- Make a list of the resources that you find in the library or on the Internet. Remember that books, magazine/journal articles, Internet texts, and films, both popular and documentary, are all valid and useful resources for your research.
- Be sure to document all sources. Write down all relevant information on EACH source you gather. REMEMBER THAT YOU HAVE TO CITE ALL OF YOUR SOURCES IN A WORKS CITED SECTION AT THE END OF THE PAPER.
- Step Five: Preparing to Write
- Analyze and organize your information.
- Put your sources and notes into categories. These will form the various subsections of your research paper.
- Construct your thesis statement. What is the main idea/thesis that will drive your research report?
- Step Six: Writing the Paper
- Prepare an outline of the various sections of your research paper
Here is a model for a possible outline:
- Statement of the Importance of this person in Women's Studies
- Thesis Sentence
- Body: Paragraphs 1 and 2
- History of this Person's Role in Women's Studies (Remember to cite your sources.)
- Body: Paragraphs 3 and 4
- Extent of this Person's Work in Women's Studies (Remember to cite your sources.)
- Body: Paragraphs 5 and 6
- Results of this Person's Work in Women's Studies (Remember to cite your sources.)
- Body: Paragraphs 7 and 8
- Implications (Remember to cite your sources.)
- Summarize your findings
- Write a rough draft of your research paper. BRING THIS DRAFT TO CLASS ON TUESDAY, MARCH 30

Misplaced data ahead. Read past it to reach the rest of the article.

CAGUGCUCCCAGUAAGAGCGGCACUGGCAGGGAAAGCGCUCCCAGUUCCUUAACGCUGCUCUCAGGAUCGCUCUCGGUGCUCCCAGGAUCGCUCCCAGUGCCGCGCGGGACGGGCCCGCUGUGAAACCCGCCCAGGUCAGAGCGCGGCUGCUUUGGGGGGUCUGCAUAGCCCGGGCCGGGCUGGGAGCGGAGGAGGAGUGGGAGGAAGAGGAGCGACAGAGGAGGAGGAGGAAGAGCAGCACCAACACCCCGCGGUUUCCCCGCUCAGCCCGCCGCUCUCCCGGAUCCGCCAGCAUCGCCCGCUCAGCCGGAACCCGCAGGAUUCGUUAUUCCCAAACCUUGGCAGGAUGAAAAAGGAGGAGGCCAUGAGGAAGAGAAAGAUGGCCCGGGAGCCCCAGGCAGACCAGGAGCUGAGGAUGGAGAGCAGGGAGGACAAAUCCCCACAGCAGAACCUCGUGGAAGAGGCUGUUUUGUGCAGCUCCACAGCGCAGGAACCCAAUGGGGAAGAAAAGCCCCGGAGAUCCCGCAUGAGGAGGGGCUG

- Get Peer feedback on your rough draft (Tuesday, March 30).
- Revise for your FINAL DRAFT.
- Proofread your work.
- FINAL DRAFT OF YOUR FIRST RESEARCH ESSAY IS DUE ON MONDAY, APRIL 5
|Week of March 29, 2004
Writing Your Thesis Statement:
To prepare for how to compose the thesis statement for your research essay, first read the following articles, paying especially careful attention to the examples of thesis statements provided:
- Thesis Statement
- Introductions and Thesis Statements
Next begin to formulate YOUR thesis staement. Use the examples provided in the articles as a guide. To formulate your thesis statement, you must first think carefully about how you will FOCUS your research.
- Write down your topic in a general/broad way. For example: "Harriet Tubman's role in Women's Rights"
- Now step-by-step begin to narrow the focus of your topic by adding phrases that specify which aspects of the topic you will research. You should write several sentences as you progressively narrow the focus of your topic.
- Finally, write TWO statements:
- The first states the focus of your research; in other words, what your actual topic will be.
- The second states your thesis. Follow the examples given in the web sites listed above as a model.
YOU SHOULD BRING BOTH STATEMENTS TO CLASS TOMORROW. REMEMBER THAT THE TYPED ROUGH DRAFT OF YOUR FIRST RESEARCH ESSAY IS DUE IN CLASS TOMORROW.
|Week of April 5, 2004
Writing an Introduction
BEFORE YOU COME TO COMPUTER LAB ON MONDAY, you should read the following articles, which discuss how to write an effective essay Introduction: